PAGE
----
vent what he believed would be a it is, contemptible and loathsome, but bloody extermination of a whole racehis station makes it in a sense import- who was the high functionary intrusted

This person at Exeter Hall had with the preservation of law and life, the effrontery, after a sneering allusion

and who acted in pursuance of powers to 'the excellent sentiments' of men in with which he was solemnly and reall moral honesty so much his superiors sponsibly intrusted as an officer of jusas Messrs Allan and Applegarth, to tice, and punished crimes which he hint that quite enough- and he evi. firmly believed had been committed, dently felt more than enough - had and such a perjured, lying, hypocritical been said about Broadhead and his scoundrel as Broadhead. Governor murders. 'Murder,' says the Professor Eyre may have acted with rash and -is he Professor of the humanities or culpable violence; but Broadhead is a the moralities? – by trades-unionists murderer, and the birer of murderers— is no better and no worse than any a thief who stole moneys committed other murder.' To say nothing of the to his honourable keeping-a liar who folly of this speech—which implies that affected to deplore the 'hellish'crimes all murders are equal in criminality, which he had himself purchased—the which is a rank absurdity, or else that very scorn and refuse of mankind, the Sheffield murders are equal in guilt whose name cannot be mentioned withonly to the least criminal of murders, a out loathing, and whose memory will sentiment which may be left to natural be a lasting disgrace to England. feeling-Mr Professor Beesly goes on to take care not to be misunderstood. With evidence of this sort before Though he is no apologist for murder,' him, he must be either very dull or he says that the Marlborough Street magistrates have legally committed

very prejudiced who shall deny that more outrages than Broadhead had a Tory Government, if it touched done. This sensible sentiment is only the subject of Electoral Reform something more wicked than what at all, would have committed Broadhead said when he hypocritically more than a mistake - a great observed that Fearnehough was almost moral wrong—had it restricted the equal in guilt to Fearnehough’s would- franchise to what Mr Gladstone be murderers. Mr Beesly improves is pleased to call the cream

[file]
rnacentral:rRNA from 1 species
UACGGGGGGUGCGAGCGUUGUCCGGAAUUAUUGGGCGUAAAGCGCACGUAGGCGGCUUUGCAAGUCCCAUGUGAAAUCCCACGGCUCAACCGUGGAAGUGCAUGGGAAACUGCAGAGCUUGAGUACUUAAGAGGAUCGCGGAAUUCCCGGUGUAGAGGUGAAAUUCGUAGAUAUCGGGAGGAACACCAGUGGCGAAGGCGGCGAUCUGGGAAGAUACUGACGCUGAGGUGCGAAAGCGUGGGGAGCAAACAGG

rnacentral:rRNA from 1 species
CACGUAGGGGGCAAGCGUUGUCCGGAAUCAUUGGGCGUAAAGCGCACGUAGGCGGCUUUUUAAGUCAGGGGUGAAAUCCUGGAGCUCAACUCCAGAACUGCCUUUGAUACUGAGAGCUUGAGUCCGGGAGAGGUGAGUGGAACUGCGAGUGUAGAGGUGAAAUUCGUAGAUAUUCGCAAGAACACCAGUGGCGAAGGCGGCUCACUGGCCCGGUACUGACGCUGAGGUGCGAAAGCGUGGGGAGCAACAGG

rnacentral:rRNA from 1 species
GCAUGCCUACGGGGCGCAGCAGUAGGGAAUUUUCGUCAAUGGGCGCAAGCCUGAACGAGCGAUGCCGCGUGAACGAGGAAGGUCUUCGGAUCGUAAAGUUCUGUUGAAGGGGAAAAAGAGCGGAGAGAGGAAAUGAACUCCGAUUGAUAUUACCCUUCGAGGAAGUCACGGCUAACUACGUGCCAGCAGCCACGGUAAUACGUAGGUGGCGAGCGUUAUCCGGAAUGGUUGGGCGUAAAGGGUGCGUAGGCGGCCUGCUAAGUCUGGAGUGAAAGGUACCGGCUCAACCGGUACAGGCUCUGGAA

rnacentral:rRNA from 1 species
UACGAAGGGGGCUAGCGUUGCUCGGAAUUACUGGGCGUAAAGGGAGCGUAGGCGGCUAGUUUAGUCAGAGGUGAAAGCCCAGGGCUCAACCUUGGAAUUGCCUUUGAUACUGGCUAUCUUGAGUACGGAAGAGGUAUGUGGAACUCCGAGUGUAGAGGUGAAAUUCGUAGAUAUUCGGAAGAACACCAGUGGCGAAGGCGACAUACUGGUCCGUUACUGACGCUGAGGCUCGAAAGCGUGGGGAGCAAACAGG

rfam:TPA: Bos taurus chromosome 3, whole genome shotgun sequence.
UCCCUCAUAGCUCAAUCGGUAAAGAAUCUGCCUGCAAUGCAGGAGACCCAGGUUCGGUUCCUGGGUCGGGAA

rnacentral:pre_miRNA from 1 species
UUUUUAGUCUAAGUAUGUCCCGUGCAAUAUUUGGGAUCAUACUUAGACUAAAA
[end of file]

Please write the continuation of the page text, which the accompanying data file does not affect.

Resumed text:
" of upon this, and would consider them

But this is not all. This is the working classes. And that a only nonsense ; but when Mr Beesly Tory Government could refuse, says that Governor Eyre is as great a after all that has come to pass in murderer as Broadhead, and that his the last fifteen years, to take up the hands are red with the blood of four hun- question of Electoral Reform, and dred men murdered in the interest of employers, just as Broadhead committed his

to deal with it boldly, we hold to murders in the interest of the working

be

mere impossibility: Lord men at Sheffield,' we must say that he is Cranborne himself must have acnot only guilty of an atrocious calumny, cepted that fact, when he took that he not only perverts notorious office under Lord Derby a year ago. facts, but that he insults his audience It may suit his present purpose to as well as common sense. The meeting assail—as we regret to find that he at Exeter Hall knew as well as Mr has done-the personal honour and Beesly knew that the Jamaica planters in no sense constituted Governor Eyre political consistency of his late coltheir agent and representative, or leagues; but his speech on the third intrusted him with the administration reading, sharp and even plausible of their funds—that Governor Eyre had

as it is, proves nothing more than no trade interests to serve in the mat.

that a judgment, naturally clear, ter-and that for his zeal 'the Broad